“I can tell you what I don’t want to do. I don’t want to mill through 50 patients a day, mindlessly clicking through EMR checkboxes so an insurance auditor five states away will deem that I’ve done my job and deserve reimbursement. That’s a high volume, high overhead game, and I don’t want to play it. I recently spoke with a doctor who was getting so many insurance denials that they needed to hire 14 additional billers at an estimated cost of somewhere around half a million dollars a year. Insurance companies want to make it difficult for doctors to get paid. They will only add more hoops to jump through, meaning that I need to hire more hoop jumpers as a doctor. Hiring hoop jumpers costs a lot of money, which means I need to see more patients. Seeing more patients in the same amount of time leads to shorter visits and worse care. Not to mention the pressure from hospital administrators to “expand your indications,” or in layman’s terms, operate on someone who may not really need it.”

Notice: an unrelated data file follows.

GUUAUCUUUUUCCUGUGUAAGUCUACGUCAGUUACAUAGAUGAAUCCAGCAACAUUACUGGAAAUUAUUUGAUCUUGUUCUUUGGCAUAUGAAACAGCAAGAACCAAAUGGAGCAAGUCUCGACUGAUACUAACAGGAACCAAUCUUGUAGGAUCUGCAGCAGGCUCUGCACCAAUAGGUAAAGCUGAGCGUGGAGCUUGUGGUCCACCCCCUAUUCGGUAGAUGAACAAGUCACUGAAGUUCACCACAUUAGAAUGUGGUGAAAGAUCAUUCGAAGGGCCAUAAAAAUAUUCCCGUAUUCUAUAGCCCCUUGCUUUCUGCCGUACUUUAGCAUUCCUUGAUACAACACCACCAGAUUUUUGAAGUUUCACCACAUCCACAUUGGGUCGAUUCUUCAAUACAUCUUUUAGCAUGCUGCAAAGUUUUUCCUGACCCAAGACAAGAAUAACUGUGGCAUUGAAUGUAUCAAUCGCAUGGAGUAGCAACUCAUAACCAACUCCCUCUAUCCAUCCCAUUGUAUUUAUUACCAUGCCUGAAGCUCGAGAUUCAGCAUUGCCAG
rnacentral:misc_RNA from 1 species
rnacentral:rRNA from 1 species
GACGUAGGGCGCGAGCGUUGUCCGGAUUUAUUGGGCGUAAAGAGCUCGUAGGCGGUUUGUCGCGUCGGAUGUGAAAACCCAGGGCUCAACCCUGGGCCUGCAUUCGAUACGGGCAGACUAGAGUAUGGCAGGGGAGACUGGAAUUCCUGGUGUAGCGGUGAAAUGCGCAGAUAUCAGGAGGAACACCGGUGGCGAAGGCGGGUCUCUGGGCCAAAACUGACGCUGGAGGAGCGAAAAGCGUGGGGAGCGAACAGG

Daniel Paull is an orthopedic surgeon.
He shares his story and discusses his KevinMD article, “I am an orthopedic surgeon who decided to stop taking insurance.”
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Hosted by Kevin Pho, MD, The Podcast by KevinMD shares the stories of the many who intersect with our health care system but are rarely heard from.